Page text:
When I left the theater after seeing Heaven is for Real, it was as if some of the noise of the world had been turned down and was replaced with a quiet deep within my soul. It didn’t hit me full force the way some movies do, it was more like it settled itself around me gently. If it had been a butterfly it would have landed on my shoulder and fluttered there like grace.
I walked past the brilliant yellow of the Palo Verde trees splashed against a sapphire sky. I heard the melody of bird-song interrupted by horns blaring, aggressive drivers speeding past the busy street just outside the parking lot; people in a hurry, people stressed and angry.
People needing a touch of Heaven.
I passed two men having a conversation where “F bombs” shot out like verbal canons, just another instance, one of many sprinkled throughout an ordinary day that call for some kind of redemption. Suddenly I wanted nothing more than to get home and settle on my patio by the garden with a tall glass of tea, savoring the quiet, harboring my reflection.
Looking around, it’s easy to see that our world needs the hope of Heaven.
As I walked out through the parking lot, it was easy for me to imagine a purer, better place right alongside this one. Little four-year old Colton Burpo says he was there, and ten years later, he still hasn’t changed his story.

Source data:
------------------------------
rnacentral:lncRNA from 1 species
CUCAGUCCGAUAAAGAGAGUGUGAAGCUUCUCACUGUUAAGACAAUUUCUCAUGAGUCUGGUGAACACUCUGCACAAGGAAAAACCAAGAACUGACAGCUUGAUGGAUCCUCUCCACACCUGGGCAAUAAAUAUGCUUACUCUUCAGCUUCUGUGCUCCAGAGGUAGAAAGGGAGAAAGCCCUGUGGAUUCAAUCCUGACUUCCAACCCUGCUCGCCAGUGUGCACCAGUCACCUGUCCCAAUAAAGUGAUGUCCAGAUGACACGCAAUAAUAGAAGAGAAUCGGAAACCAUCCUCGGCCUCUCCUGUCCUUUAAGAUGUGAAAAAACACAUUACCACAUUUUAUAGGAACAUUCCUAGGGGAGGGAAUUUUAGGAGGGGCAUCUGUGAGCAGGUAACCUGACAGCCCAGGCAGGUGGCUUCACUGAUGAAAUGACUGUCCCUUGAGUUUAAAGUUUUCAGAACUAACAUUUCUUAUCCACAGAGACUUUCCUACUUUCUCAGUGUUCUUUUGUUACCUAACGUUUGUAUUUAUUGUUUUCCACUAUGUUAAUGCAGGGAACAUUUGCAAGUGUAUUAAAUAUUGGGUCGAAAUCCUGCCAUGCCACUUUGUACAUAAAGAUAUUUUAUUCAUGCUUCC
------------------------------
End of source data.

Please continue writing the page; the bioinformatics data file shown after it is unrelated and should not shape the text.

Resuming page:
I guess I am one of the lucky ones. I’ve never not believed in Heaven. For me, this film just echoed what I already believe, rather, what I already know. Because I believe in God and a perfectly good God has to live in a perfectly good place.
The question then becomes a provocative one: If we say we believe that Heaven is real, are we living as though it is? And as Colton’s Dad asks his congregation in the movie: If we truly believed what we say we do, how would our lives look different?
I drove home reflecting on all those times in my life when God has ripped the fabric of my world apart just enough to let the rays of Heaven leak through. Just enough to show me that I didn’t have to despair. Things that I know that I know that I know, couldn’t have come from anywhere else.
And when you have seen someone die with eyes full of hope, already filled with the reflection of Heaven, it’s easy to believe.
When Jesus came to this earth, He brought Heaven with Him. That’s what He meant when He said “The Kingdom of Heaven is at hand.” Right here, right now. And when He left, He talked of going to a physical place, a place we can scarcely begin to imagine. A place He’s preparing for us!
It’s easy for children to believe in Heaven. All too often we undermine their simple faith with our own doubts. Sometimes I think we are almost afraid to really believe. I think one of the best things about the film is that it brings up some questions that we all must ask ourselves.
If we really believed as we say we do, how would our lives look different? I wonder.